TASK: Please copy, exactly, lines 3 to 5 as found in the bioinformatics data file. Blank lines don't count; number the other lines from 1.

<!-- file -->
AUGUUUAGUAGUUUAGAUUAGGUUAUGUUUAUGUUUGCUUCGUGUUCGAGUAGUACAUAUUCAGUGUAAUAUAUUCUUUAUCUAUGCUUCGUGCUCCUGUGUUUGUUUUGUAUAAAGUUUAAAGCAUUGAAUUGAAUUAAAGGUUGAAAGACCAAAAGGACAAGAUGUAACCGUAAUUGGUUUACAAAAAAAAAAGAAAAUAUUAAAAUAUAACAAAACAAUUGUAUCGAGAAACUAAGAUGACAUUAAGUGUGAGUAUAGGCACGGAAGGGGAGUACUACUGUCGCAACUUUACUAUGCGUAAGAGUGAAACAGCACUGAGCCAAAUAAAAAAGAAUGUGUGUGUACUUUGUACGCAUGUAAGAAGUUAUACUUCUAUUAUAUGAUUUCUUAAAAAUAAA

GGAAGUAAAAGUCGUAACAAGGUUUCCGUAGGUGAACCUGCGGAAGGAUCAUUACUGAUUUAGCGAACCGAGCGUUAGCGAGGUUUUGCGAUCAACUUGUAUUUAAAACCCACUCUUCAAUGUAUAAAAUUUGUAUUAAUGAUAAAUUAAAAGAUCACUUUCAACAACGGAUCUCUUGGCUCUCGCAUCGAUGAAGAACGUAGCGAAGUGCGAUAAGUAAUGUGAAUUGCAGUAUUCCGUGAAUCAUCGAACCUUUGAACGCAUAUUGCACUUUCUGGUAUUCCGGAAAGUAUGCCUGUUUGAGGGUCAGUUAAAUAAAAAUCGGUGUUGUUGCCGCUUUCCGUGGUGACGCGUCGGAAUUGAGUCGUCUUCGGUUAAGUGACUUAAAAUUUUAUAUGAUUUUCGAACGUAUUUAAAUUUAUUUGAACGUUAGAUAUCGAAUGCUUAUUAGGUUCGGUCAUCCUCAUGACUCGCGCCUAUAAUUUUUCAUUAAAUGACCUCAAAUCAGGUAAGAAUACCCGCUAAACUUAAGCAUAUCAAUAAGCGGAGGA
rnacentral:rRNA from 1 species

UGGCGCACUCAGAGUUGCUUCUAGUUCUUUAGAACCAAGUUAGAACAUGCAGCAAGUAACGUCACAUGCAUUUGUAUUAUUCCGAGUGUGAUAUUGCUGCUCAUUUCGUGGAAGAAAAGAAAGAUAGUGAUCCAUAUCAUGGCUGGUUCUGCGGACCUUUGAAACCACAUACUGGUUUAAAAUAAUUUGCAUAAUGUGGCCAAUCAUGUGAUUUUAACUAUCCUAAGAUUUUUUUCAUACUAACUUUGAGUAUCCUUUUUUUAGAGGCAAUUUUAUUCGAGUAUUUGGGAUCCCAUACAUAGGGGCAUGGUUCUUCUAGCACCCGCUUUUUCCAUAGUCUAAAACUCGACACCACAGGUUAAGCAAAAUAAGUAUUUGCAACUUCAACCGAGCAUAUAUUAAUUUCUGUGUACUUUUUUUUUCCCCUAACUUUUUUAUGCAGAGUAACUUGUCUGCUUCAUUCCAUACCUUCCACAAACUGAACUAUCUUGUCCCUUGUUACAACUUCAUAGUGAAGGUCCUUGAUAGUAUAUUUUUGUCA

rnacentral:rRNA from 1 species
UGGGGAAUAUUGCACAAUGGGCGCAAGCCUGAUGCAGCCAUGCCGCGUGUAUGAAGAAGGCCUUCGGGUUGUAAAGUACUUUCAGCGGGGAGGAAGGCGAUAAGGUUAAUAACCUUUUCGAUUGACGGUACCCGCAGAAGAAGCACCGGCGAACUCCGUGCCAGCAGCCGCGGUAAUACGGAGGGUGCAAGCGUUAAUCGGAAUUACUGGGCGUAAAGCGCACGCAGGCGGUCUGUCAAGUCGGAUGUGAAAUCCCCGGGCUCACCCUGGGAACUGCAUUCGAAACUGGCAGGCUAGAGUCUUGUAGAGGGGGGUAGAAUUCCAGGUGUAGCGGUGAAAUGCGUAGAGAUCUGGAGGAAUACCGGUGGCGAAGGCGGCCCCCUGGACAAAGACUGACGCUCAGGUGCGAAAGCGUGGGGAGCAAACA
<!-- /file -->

rnacentral:rRNA from 1 species

UGGCGCACUCAGAGUUGCUUCUAGUUCUUUAGAACCAAGUUAGAACAUGCAGCAAGUAACGUCACAUGCAUUUGUAUUAUUCCGAGUGUGAUAUUGCUGCUCAUUUCGUGGAAGAAAAGAAAGAUAGUGAUCCAUAUCAUGGCUGGUUCUGCGGACCUUUGAAACCACAUACUGGUUUAAAAUAAUUUGCAUAAUGUGGCCAAUCAUGUGAUUUUAACUAUCCUAAGAUUUUUUUCAUACUAACUUUGAGUAUCCUUUUUUUAGAGGCAAUUUUAUUCGAGUAUUUGGGAUCCCAUACAUAGGGGCAUGGUUCUUCUAGCACCCGCUUUUUCCAUAGUCUAAAACUCGACACCACAGGUUAAGCAAAAUAAGUAUUUGCAACUUCAACCGAGCAUAUAUUAAUUUCUGUGUACUUUUUUUUUCCCCUAACUUUUUUAUGCAGAGUAACUUGUCUGCUUCAUUCCAUACCUUCCACAAACUGAACUAUCUUGUCCCUUGUUACAACUUCAUAGUGAAGGUCCUUGAUAGUAUAUUUUUGUCA

rnacentral:rRNA from 1 species